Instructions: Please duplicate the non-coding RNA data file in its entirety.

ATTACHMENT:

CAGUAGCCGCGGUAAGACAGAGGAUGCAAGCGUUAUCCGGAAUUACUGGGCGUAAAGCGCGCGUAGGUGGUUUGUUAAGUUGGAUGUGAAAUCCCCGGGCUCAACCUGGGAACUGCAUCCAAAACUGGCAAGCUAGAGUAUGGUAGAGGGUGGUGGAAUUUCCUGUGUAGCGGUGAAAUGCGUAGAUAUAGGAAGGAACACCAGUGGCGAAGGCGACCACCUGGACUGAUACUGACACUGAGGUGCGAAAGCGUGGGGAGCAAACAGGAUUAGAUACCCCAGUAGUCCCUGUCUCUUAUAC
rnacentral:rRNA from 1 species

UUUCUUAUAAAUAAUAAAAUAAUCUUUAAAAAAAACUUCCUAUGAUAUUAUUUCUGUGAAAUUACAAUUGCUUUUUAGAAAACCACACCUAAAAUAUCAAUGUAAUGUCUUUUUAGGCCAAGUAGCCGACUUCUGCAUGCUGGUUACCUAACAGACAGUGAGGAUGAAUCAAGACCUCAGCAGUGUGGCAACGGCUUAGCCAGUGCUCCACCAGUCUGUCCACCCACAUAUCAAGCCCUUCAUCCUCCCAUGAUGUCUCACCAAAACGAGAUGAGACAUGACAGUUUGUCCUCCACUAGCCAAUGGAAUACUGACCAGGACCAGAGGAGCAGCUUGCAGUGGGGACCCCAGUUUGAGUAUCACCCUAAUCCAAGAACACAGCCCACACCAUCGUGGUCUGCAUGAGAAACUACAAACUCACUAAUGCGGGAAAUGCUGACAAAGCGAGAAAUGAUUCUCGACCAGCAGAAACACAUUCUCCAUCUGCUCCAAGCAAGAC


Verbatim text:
CAGUAGCCGCGGUAAGACAGAGGAUGCAAGCGUUAUCCGGAAUUACUGGGCGUAAAGCGCGCGUAGGUGGUUUGUUAAGUUGGAUGUGAAAUCCCCGGGCUCAACCUGGGAACUGCAUCCAAAACUGGCAAGCUAGAGUAUGGUAGAGGGUGGUGGAAUUUCCUGUGUAGCGGUGAAAUGCGUAGAUAUAGGAAGGAACACCAGUGGCGAAGGCGACCACCUGGACUGAUACUGACACUGAGGUGCGAAAGCGUGGGGAGCAAACAGGAUUAGAUACCCCAGUAGUCCCUGUCUCUUAUAC
rnacentral:rRNA from 1 species

UUUCUUAUAAAUAAUAAAAUAAUCUUUAAAAAAAACUUCCUAUGAUAUUAUUUCUGUGAAAUUACAAUUGCUUUUUAGAAAACCACACCUAAAAUAUCAAUGUAAUGUCUUUUUAGGCCAAGUAGCCGACUUCUGCAUGCUGGUUACCUAACAGACAGUGAGGAUGAAUCAAGACCUCAGCAGUGUGGCAACGGCUUAGCCAGUGCUCCACCAGUCUGUCCACCCACAUAUCAAGCCCUUCAUCCUCCCAUGAUGUCUCACCAAAACGAGAUGAGACAUGACAGUUUGUCCUCCACUAGCCAAUGGAAUACUGACCAGGACCAGAGGAGCAGCUUGCAGUGGGGACCCCAGUUUGAGUAUCACCCUAAUCCAAGAACACAGCCCACACCAUCGUGGUCUGCAUGAGAAACUACAAACUCACUAAUGCGGGAAAUGCUGACAAAGCGAGAAAUGAUUCUCGACCAGCAGAAACACAUUCUCCAUCUGCUCCAAGCAAGAC